Editor’s Note: D.G. Martin is unavailable this holiday season. The story below is an old favorite. 122309-gift.jpg

John Garwood brought down his apples from the mountains the other day.

He brought small sacks for some of us — and a big box full just to be doubly sure that nobody would be left out.

When you break the skin of one of his apples the sweet juice bursts into your mouth and the world is right. Somehow the apples we buy down here just never taste that good.

Eating John Garwood’s apples recently got me thinking about Christmas. And that got me thinking about all the presents I still have to buy for family and friends. And that got me thinking about how frantic the next few weeks are going to be. I started wondering if Christmas — the way we treat it now — is all that good a holiday. How am I going to get the right presents — ones that really last?

All that got me back around to John Garwood, because he really brings the best kind of present. We remember him all year long — thinking about those good tasting apples and hoping that he doesn’t forget us next year.

Who brings you the presents that you remember all year long? Earl Danieley and Maxine O’Kelley and Bob Wendell brought me tomatoes last summer. Fresh from their gardens they were full, red, soft and ripe, firm and juicy — and for just a moment — just right. Salt, pepper and mayonnaise, perhaps, or sometimes, just straight. No chef, no five-star restaurant, at whatever the price, could prepare a dish to top a ripe summer tomato from a friend’s garden. What a gift!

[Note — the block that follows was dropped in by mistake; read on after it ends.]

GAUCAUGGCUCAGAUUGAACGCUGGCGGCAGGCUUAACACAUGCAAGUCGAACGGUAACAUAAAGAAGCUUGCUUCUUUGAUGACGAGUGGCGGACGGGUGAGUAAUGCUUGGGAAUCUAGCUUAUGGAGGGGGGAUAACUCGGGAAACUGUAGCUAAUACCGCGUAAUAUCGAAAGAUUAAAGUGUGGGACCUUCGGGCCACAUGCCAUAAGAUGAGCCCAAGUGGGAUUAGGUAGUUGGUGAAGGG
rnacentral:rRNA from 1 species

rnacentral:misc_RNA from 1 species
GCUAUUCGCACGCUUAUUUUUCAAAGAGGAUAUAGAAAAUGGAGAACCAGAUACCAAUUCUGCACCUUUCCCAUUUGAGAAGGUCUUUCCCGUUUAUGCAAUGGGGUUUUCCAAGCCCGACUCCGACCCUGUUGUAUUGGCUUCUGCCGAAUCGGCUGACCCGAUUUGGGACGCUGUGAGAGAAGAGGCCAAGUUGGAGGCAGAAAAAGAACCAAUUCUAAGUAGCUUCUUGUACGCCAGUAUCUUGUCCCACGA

In spring and summer, Candy Owen’s flowers make their way to our desks and bring her garden inside. Watts Auman brings a bag of peaches fresh from his orchard. Ripened on the tree, yellow with touches of red and soft orange, giving in the hand, its smooth fuzzy skin sends up a flowery scent preparing us for the first wonderful juicy bite that never disappoints.

At Christmas time, when their fathers were still alive, Branson McRae and Joe Malamo brought wines — crafted and personalized by their dads. These wines would not wait. They had to be uncorked and sampled and enjoyed immediately. More than the hearty taste, we celebrated the old men who thought enough of others to crush the grapes with care and love, and then watch and treat them with measured attention thinking only toward the moment of our delight

Granny Wall — until she was in her 90s — brought us pecans. Picked up and packed up from her Anson County home place, put in small bags. And she giggled with us as we cracked them up and ate them.

My wife’s mother’s chocolate fudge, packed into a Christmas tin, so rich and sweet, so compelling. Better enjoyed, I guess, if it were put away and measured one piece at a time for desert each day. But it is all gone in an hour—except for its memories that bring juices rushing to my mouth at any season.

A cassette tape of lovely songs sung by a friend comes with a note. “These songs are my present to you. Your listening to them — just once — is your present to me.”

Passing into a season when holy happy feelings are always attacked by a frenzy of mechanical buying, these thoughts of remembered gifts suggest some guidelines: Give of yourself. Give real. Give simple. Give what gives you pleasure to give — and want nothing in return.

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